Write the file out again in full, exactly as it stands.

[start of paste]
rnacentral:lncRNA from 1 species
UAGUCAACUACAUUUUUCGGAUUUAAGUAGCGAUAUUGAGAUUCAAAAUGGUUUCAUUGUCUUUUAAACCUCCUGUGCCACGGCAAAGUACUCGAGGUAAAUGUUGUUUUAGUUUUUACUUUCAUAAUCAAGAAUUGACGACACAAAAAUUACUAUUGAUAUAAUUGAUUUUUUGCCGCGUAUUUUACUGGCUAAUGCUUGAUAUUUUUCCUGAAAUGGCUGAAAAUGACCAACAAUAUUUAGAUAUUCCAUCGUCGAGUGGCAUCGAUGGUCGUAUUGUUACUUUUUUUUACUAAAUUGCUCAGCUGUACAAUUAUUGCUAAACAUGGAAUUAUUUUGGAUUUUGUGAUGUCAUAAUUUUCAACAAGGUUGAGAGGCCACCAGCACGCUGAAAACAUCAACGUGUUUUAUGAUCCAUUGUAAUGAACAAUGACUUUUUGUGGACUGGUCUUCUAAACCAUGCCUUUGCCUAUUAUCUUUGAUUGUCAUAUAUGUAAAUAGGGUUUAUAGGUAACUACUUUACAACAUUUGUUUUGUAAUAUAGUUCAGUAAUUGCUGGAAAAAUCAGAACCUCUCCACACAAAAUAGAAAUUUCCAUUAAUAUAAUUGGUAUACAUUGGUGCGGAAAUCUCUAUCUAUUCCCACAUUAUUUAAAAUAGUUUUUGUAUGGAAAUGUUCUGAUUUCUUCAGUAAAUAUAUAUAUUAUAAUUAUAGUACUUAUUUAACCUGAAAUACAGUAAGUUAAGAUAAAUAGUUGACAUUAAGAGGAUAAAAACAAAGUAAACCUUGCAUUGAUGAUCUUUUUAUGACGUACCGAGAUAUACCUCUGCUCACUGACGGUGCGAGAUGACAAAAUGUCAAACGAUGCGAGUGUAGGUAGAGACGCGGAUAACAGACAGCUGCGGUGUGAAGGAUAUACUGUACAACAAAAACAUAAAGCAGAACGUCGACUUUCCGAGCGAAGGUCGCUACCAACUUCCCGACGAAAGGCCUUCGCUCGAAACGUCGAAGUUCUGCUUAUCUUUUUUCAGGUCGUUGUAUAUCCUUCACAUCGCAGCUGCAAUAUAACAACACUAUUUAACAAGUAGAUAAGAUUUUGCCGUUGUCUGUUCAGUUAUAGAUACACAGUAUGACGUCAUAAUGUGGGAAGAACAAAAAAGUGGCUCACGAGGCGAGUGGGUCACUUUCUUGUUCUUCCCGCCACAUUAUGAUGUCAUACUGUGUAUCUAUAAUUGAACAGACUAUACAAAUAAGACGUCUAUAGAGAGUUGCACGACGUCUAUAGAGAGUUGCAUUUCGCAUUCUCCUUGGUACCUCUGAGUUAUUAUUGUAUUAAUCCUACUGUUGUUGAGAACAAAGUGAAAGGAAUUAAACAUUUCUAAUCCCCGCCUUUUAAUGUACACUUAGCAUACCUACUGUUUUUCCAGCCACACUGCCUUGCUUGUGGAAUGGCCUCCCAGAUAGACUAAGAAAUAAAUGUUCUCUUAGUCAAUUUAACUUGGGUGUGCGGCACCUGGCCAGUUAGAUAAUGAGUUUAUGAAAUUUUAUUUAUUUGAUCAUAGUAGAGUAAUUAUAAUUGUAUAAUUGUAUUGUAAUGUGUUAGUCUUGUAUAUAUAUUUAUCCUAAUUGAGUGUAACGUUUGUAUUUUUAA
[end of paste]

rnacentral:lncRNA from 1 species
UAGUCAACUACAUUUUUCGGAUUUAAGUAGCGAUAUUGAGAUUCAAAAUGGUUUCAUUGUCUUUUAAACCUCCUGUGCCACGGCAAAGUACUCGAGGUAAAUGUUGUUUUAGUUUUUACUUUCAUAAUCAAGAAUUGACGACACAAAAAUUACUAUUGAUAUAAUUGAUUUUUUGCCGCGUAUUUUACUGGCUAAUGCUUGAUAUUUUUCCUGAAAUGGCUGAAAAUGACCAACAAUAUUUAGAUAUUCCAUCGUCGAGUGGCAUCGAUGGUCGUAUUGUUACUUUUUUUUACUAAAUUGCUCAGCUGUACAAUUAUUGCUAAACAUGGAAUUAUUUUGGAUUUUGUGAUGUCAUAAUUUUCAACAAGGUUGAGAGGCCACCAGCACGCUGAAAACAUCAACGUGUUUUAUGAUCCAUUGUAAUGAACAAUGACUUUUUGUGGACUGGUCUUCUAAACCAUGCCUUUGCCUAUUAUCUUUGAUUGUCAUAUAUGUAAAUAGGGUUUAUAGGUAACUACUUUACAACAUUUGUUUUGUAAUAUAGUUCAGUAAUUGCUGGAAAAAUCAGAACCUCUCCACACAAAAUAGAAAUUUCCAUUAAUAUAAUUGGUAUACAUUGGUGCGGAAAUCUCUAUCUAUUCCCACAUUAUUUAAAAUAGUUUUUGUAUGGAAAUGUUCUGAUUUCUUCAGUAAAUAUAUAUAUUAUAAUUAUAGUACUUAUUUAACCUGAAAUACAGUAAGUUAAGAUAAAUAGUUGACAUUAAGAGGAUAAAAACAAAGUAAACCUUGCAUUGAUGAUCUUUUUAUGACGUACCGAGAUAUACCUCUGCUCACUGACGGUGCGAGAUGACAAAAUGUCAAACGAUGCGAGUGUAGGUAGAGACGCGGAUAACAGACAGCUGCGGUGUGAAGGAUAUACUGUACAACAAAAACAUAAAGCAGAACGUCGACUUUCCGAGCGAAGGUCGCUACCAACUUCCCGACGAAAGGCCUUCGCUCGAAACGUCGAAGUUCUGCUUAUCUUUUUUCAGGUCGUUGUAUAUCCUUCACAUCGCAGCUGCAAUAUAACAACACUAUUUAACAAGUAGAUAAGAUUUUGCCGUUGUCUGUUCAGUUAUAGAUACACAGUAUGACGUCAUAAUGUGGGAAGAACAAAAAAGUGGCUCACGAGGCGAGUGGGUCACUUUCUUGUUCUUCCCGCCACAUUAUGAUGUCAUACUGUGUAUCUAUAAUUGAACAGACUAUACAAAUAAGACGUCUAUAGAGAGUUGCACGACGUCUAUAGAGAGUUGCAUUUCGCAUUCUCCUUGGUACCUCUGAGUUAUUAUUGUAUUAAUCCUACUGUUGUUGAGAACAAAGUGAAAGGAAUUAAACAUUUCUAAUCCCCGCCUUUUAAUGUACACUUAGCAUACCUACUGUUUUUCCAGCCACACUGCCUUGCUUGUGGAAUGGCCUCCCAGAUAGACUAAGAAAUAAAUGUUCUCUUAGUCAAUUUAACUUGGGUGUGCGGCACCUGGCCAGUUAGAUAAUGAGUUUAUGAAAUUUUAUUUAUUUGAUCAUAGUAGAGUAAUUAUAAUUGUAUAAUUGUAUUGUAAUGUGUUAGUCUUGUAUAUAUAUUUAUCCUAAUUGAGUGUAACGUUUGUAUUUUUAA